TAC’s David Dinielli and law student Eleanor Runde — who worked on an amicus brief in an upcoming U.S. Supreme Court case about tech platforms’ legal liabilities — at WNHH FM. (Paul Bass / NHI photo) Credit: Paul Bass / NHI photo

Consumer warning: If you want to publish a comment at the end of this story calling people names or lying about them committing horrible acts, tough luck. Your contributions don’t immediately get posted. They get reviewed and vetted according to rules of civility (not to mention libel law).

If, however, you have a terrorist video seeking to recruit people to blow up enemies whose religion or nationality you despise, or a lie-filled screed about someone you read about in the news, you can instantly publish it on YouTube. YouTube’s recommendation algorithm might even help you reach hateful loners all over the globe to take action of their own. And if some … unfortunate events follow, oh well. YouTube can continue doing that with more videos — as long as its parent company convinces U.S. Supreme Court justices to maintain its protection under a law passed nine years before the social-media video powerhouse was created.

That is among the stakes in Gonzalez v. Google, one of two cases the court is hearing next month concerning how legally responsible global social-media platforms should be for the dangerous or harmful content they publish and profit from.

The parents of a young woman killed by an ISIS bomber in a Paris cafe filed the Gonzalez lawsuit. They argue that Google-owned YouTube published and then amplified the distribution of an ISIS recruitment video that lured people to join the organization and take part in the deadly attack, in violation of U.S. anti-terrorism law.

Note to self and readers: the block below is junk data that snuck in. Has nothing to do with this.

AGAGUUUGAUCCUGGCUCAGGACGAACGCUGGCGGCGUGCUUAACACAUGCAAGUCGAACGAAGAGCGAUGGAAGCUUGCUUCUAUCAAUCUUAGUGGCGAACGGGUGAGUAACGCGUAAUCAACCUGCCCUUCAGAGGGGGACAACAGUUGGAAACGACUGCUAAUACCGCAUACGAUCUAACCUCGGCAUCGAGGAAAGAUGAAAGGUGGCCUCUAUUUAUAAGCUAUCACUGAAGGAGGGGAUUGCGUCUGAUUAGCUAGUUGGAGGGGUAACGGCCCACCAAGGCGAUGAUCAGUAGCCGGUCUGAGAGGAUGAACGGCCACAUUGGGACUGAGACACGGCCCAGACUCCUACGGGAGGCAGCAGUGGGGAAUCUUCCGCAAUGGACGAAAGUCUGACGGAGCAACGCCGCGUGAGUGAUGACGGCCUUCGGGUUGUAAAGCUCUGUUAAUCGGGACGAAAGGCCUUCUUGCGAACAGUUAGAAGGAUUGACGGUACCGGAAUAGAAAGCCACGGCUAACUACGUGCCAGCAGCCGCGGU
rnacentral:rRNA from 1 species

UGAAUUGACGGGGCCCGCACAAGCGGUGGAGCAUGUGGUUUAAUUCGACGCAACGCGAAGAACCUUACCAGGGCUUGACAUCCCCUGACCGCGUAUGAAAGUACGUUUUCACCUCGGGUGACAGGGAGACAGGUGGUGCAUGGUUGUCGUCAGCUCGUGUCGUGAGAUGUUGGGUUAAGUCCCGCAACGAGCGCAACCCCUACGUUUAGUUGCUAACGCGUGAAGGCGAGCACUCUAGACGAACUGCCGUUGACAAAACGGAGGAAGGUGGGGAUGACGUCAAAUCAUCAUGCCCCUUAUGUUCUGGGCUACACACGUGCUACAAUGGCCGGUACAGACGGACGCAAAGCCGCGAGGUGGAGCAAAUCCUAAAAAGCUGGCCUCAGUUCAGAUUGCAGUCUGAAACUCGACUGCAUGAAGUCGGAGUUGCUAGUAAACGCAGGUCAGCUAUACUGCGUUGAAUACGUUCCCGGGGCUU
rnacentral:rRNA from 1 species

Google counters that it has immunity in this case under Section 230 of the bipartisan 1996 Communications Decency Act, which protects online platforms from legal liability for postings generated by the public.

Enter a group of law students who have been devoting long hours to exploring how to ​“reduce harm by tech companies and digital platforms while also respecting everyone’s rights,” including users and producers. 

The students belong to Yale Law School’s Tech Accountability & Competition Project (TAC). Under the supervision of an experienced attorney in this field named David Dinielli (read about his background here), the students in the clinic wrote an amicus brief submitted to the Court this past Thursday as part of the case. The justices are scheduled to hear the case on Feb. 21; the TAC crew hopes to travel to D.C. to observe the arguments in person.